Messaging in a Bottle
Mission-Critical Microsoft Exchange 2000 is a must-have for new installs and offers invaluable insight for those who've already done the deed.
- By Lee Scales
- September 01, 2003
The first thing I do when selecting a technology book off the shelf is
to check the publication date. I was initially put off when I saw that
this book was published way back in December 2000. Surely this
be hopelessly out of date! Despite my initial impression, I found that
I was missing the point of a book like this. The art (or science, if you
prefer) of building mission-critical systems is not something that is
dependent on the latest/greatest technology or service pack. In most cases,
bleeding edge technology is anathema in a mission-critical environment.
The author, Jerry Cochran is a Principal Technology Consultant with Compaq
Global Services, an organization that is famous for creating and managing
some of the largest Exchange installations in the world. He brings those
experiences with him as he explains the strategies, procedures and best
practices associated with designing and maintaining high availability
Exchange 2000 environments.
The author starts out by defining the basis for a mission-critical environment.
He spends time explaining the meanings of the proverbial "five 9's,"
Service Level Agreements and analyzing and accessing downtime and the
reasons for it. He then moves on to examine the major components that
are responsible for downtime, and examines the technologies that are available
to lessen the risk and consequences of component failure. Next he provides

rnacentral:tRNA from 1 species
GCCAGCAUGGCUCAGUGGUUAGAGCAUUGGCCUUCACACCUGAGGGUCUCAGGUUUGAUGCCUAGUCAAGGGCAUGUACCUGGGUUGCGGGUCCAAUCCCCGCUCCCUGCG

explanations of how to make design decisions on the different hardware
and software configurations depending on your environment and desired
level of risk.
Of special note is the chapter on Disaster Recovery. The author outlines
several best practices for backup and restore. In addition, he provides
information on how to modify your Exchange design to reduce the time required
for backups and disaster recovery.
The final two chapters are devoted to subjects that too many people overlook
when designing implementations-security and proactive management. For
example, you can design and implement the perfect hardware and software
configuration, but it doesn't really get you anywhere if someone hacks
into your system, uses your server for mail relay, mounts a successful
denial of service attack against you or a virus trashes all of your mailboxes.
A lot of organizations simply give lip service to the idea of proactive
maintenance, but this is a critical area. As the author explains in the
final chapter, there are a lot of benefits in understanding how your servers
are operating under normal conditions. This makes it much easier to understand
when they are starting to have a problem. Most modern software is capable
of warning you when a problem is imminent-if you only pay attention.
Administrators who are running small shops should not be put off by the
title. Just because you're small in size doesn't mean that the loss of
your server won't create a big problem and negatively impact your business.
This is especially true if you've implemented some of the collaboration
features of Exchange.
Overall, I have to recommend this book for anyone that is embarking on
a design and implementation of an Exchange server deployment. In addition,
a careful perusal of this book will provide important insights for those
who have already implemented Exchange server and would like to make sure
that they have all the bases covered.
As a senior consultant Lee Scales, MCSE, CCA, has worked extensively with Windows NT/2000, Exchange and BackOffice. His specialty is designing Win2K infrastructures.